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The prize-winning Thalia Ensemble is an inspiring young group excelling in performance on 'period' instruments. This debut recording presents two of Antoine Reicha's opulent wind quintets, recognized across Europe as the pinnacle of their genre and an overnight sensation when they were first performed in Paris in the early nineteenth century.
A 24-bit 192 kHz studio master for this album is available from the Linn Records website.
No description, no imagination can do justice to these compositions. The effect produced by the extraordinary combinations of apparently opposite-toned instruments, added to Reicha’s vigorous style of writing and judicious arrangement, have rendered these quintets the admiration of the musical world.
Thus wrote the English publisher and lexicographer John Sainsbury shortly after Reicha’s wind quintets were first introduced to the public. The inaugural concerts of the 24 quintets (Opp 88, 91, 99 and 100) took place across three seasons during 1817–19 in the Théâtre Favart’s splendid lobby, and the events quickly became the rendez-vous obligé of the Parisian elite. Princesses, counts and ambassadors, musical cognoscenti and entrepreneurs, listened enraptured to these novel works, played by the flautist Joseph Guillou (1787–1853), oboist Gustave Vogt (1781–1870), clarinettist Jacques-Jules Bouffil (1783–1868), bassoonist Antoine-Nicolas Henry (1777–1842) and the group’s instigator, the horn player Louis-François Dauprat (1781–1868). The fruit of assiduous labour on the composer’s part, the quintets were an overnight sensation, and were recognized across Europe as the apogee of their genre.
The son of a town piper, Antoine Reicha (born Antonín Rejcha in Prague in 1770) was destined through personal fate and political upheaval to a peripatetic life, but one full of exhilaration in the music capitals of Europe. His father died before he was one, and at the age of ten he ran away to live with his grandfather. It was from his uncle and adoptive father Josef that he learnt the violin and piano; he also received instruction on the flute, which would become his main instrument. By 1785, when the family moved to Bonn, Antoine had picked up sufficient skill to play both violin and flute in the Hofkapelle under his uncle’s direction. There he struck up a friendship with Beethoven, a fellow composition student of Christian Gottlob Neefe. Two years later, Reicha conducted his own first symphony and some opera scenes, and in 1789 he entered Bonn University. The French occupation of Bonn triggered a move to Hamburg, where his first opera was performed; he took a vow never to perform again, but instead dedicate himself to composition.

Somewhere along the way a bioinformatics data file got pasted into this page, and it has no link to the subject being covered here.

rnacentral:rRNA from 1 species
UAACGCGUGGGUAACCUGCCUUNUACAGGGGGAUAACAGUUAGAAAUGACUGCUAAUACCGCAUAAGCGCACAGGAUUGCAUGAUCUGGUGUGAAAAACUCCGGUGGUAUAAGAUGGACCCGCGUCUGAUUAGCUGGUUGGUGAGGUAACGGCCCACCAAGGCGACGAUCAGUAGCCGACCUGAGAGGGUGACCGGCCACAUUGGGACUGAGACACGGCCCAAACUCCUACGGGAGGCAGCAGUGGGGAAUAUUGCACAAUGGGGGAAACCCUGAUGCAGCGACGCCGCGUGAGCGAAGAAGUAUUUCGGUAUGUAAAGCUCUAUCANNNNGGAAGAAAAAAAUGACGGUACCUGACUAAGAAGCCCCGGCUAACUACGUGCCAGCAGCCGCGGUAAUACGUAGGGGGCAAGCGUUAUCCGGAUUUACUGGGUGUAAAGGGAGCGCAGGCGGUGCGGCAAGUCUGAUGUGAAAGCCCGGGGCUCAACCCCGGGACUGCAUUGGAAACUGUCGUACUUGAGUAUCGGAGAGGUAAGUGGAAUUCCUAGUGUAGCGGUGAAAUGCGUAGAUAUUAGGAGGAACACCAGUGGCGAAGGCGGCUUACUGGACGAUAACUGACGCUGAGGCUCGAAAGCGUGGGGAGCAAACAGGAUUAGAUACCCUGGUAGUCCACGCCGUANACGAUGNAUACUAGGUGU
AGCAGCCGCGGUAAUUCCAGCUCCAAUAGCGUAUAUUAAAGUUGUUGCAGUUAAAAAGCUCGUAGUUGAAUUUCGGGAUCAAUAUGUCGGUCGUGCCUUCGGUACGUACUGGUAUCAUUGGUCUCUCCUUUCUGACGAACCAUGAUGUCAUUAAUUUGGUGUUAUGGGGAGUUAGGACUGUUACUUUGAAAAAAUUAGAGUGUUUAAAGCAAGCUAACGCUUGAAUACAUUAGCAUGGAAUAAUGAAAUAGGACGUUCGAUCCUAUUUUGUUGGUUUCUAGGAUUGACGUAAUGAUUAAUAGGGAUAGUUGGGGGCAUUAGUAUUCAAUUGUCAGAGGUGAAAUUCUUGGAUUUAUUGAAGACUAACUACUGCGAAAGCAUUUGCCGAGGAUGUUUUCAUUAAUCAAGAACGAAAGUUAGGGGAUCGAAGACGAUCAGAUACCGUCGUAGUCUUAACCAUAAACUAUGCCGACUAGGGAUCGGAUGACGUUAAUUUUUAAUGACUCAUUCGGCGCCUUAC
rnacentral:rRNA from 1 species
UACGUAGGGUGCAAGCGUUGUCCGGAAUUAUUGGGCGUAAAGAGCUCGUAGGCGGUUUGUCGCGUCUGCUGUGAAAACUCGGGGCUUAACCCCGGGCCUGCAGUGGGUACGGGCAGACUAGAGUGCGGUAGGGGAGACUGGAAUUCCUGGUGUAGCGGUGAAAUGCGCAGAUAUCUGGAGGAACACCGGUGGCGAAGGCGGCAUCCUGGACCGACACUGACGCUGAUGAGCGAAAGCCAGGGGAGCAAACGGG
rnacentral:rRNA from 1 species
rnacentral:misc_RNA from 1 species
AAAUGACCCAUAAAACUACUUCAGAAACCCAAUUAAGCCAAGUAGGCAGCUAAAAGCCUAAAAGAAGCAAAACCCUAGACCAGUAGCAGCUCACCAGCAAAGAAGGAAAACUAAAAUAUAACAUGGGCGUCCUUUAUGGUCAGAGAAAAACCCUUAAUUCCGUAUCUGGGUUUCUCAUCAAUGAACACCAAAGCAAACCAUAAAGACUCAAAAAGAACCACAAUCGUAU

In 1799 Reicha moved to Paris, in the expectation of operatic success. But despite well-received performances of symphonies, an overture and some operatic scenes, his attempt to establish himself in opera failed. Distraught, he left for Vienna. Up to this time his work had shown the influence of Nicolas Dalayrac, André Grétry and his own uncle Josef; now, inspired by his close acquaintances Haydn and Beethoven, he would follow in the Classical Viennese tradition. Successful in gaining patronage among the Viennese aristocracy, he also turned his hand to writing composition treatises and pedagogical works, though he declined a post as teacher and Kapellmeister to Prince Louis Ferdinand.
Reicha maintained contact with Parisian musicians, and in December 1805 he welcomed to Vienna members of Napoleon’s musical entourage, including Pierre Baillot, Luigi Cherubini and Gustave Vogt. But the Napoleonic wars thwarted his ambitions in both Vienna and Prague, and he decided to return to Paris in 1808. There his operas enjoyed only middling success, but he gained a considerable reputation as a composer of instrumental music and instructor in composition. Even before he was appointed professor of counterpoint and fugue at the Paris Conservatoire in 1818, he could boast a distinguished roster of students, including the violin virtuosi Baillot, François Habeneck and Pierre Rode (all personal friends), and the Count de Sèze, who was responsible for arranging his Conservatoire appointment.
Having been a flute player, Reicha naturally befriended wind players: four of the five who premiered his quintets had also been his composition pupils. Each held a prominent position in a theatre orchestra, and all but the bassoonist Henry also taught at the Conservatoire. At that time it was common practice for virtuosi to showcase their technical prowess by performing their own compositions; in addition, Conservatoire professors were obliged to supply études and concours solos for their students.